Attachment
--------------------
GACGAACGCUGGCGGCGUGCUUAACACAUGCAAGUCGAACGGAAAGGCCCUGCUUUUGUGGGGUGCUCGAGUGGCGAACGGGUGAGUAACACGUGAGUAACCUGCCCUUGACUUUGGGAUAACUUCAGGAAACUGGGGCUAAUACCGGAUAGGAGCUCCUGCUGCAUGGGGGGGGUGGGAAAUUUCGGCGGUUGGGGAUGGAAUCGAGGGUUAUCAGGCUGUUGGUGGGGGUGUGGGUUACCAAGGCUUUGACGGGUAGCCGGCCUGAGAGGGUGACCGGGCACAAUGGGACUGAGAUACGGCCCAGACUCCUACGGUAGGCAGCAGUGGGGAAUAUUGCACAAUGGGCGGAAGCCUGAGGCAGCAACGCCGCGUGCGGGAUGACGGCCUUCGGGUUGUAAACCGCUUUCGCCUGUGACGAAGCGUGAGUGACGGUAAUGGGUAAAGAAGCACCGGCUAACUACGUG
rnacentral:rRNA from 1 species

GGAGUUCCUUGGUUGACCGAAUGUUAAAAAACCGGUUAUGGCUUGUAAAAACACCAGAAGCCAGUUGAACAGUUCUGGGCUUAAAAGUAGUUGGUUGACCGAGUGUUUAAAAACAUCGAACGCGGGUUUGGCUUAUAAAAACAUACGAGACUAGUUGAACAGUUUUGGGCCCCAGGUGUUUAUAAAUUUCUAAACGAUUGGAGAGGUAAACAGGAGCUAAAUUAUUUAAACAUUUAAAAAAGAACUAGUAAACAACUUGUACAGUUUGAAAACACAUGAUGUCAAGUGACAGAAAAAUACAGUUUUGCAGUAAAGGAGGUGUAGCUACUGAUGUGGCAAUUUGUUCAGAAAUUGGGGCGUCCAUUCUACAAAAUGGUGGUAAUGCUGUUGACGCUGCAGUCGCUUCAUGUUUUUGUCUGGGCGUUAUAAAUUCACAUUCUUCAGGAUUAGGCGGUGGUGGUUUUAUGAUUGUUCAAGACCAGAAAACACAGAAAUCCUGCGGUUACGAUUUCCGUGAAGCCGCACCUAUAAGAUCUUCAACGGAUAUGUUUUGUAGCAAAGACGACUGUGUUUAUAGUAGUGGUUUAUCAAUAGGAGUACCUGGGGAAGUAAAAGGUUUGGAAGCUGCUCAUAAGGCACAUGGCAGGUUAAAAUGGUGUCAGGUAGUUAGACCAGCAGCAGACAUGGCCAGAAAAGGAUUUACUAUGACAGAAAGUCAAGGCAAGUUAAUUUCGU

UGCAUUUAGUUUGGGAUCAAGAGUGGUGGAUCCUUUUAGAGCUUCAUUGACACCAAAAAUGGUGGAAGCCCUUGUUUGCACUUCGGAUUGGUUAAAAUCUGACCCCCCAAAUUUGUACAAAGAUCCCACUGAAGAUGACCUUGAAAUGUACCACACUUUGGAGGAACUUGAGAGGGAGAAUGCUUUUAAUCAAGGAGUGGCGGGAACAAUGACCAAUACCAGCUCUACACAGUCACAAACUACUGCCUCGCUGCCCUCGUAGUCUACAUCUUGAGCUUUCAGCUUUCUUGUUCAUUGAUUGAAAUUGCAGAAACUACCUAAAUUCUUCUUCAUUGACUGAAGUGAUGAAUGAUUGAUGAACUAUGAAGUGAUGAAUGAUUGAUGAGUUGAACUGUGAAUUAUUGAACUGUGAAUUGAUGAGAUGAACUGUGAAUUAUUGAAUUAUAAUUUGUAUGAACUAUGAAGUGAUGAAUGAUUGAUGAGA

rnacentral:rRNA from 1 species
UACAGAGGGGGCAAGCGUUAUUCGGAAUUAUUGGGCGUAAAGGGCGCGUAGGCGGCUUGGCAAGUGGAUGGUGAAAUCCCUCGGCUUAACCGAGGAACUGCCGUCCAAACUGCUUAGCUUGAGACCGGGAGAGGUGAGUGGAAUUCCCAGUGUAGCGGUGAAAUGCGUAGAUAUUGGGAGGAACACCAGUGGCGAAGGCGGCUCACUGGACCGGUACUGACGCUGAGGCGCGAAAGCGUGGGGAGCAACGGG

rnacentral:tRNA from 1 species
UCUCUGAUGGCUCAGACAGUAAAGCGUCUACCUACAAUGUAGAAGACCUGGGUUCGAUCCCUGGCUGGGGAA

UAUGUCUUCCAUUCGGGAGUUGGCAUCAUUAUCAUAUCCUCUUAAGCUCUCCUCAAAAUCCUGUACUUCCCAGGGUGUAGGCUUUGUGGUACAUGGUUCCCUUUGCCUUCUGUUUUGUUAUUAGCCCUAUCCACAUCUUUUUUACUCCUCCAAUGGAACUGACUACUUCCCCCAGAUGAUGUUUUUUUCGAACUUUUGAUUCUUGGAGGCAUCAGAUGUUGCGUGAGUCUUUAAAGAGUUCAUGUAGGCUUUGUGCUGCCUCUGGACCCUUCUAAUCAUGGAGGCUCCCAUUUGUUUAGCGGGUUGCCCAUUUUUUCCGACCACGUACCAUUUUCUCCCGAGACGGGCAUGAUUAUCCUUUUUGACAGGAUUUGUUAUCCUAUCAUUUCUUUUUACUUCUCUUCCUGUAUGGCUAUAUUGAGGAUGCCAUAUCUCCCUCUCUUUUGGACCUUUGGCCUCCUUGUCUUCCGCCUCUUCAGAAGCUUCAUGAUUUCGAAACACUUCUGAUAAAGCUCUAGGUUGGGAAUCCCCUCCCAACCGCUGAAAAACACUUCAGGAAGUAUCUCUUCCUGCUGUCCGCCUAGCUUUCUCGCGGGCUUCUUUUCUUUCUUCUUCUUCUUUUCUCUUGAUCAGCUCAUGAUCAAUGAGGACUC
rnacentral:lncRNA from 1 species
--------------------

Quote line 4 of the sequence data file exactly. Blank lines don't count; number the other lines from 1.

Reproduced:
UGCAUUUAGUUUGGGAUCAAGAGUGGUGGAUCCUUUUAGAGCUUCAUUGACACCAAAAAUGGUGGAAGCCCUUGUUUGCACUUCGGAUUGGUUAAAAUCUGACCCCCCAAAUUUGUACAAAGAUCCCACUGAAGAUGACCUUGAAAUGUACCACACUUUGGAGGAACUUGAGAGGGAGAAUGCUUUUAAUCAAGGAGUGGCGGGAACAAUGACCAAUACCAGCUCUACACAGUCACAAACUACUGCCUCGCUGCCCUCGUAGUCUACAUCUUGAGCUUUCAGCUUUCUUGUUCAUUGAUUGAAAUUGCAGAAACUACCUAAAUUCUUCUUCAUUGACUGAAGUGAUGAAUGAUUGAUGAACUAUGAAGUGAUGAAUGAUUGAUGAGUUGAACUGUGAAUUAUUGAACUGUGAAUUGAUGAGAUGAACUGUGAAUUAUUGAAUUAUAAUUUGUAUGAACUAUGAAGUGAUGAAUGAUUGAUGAGA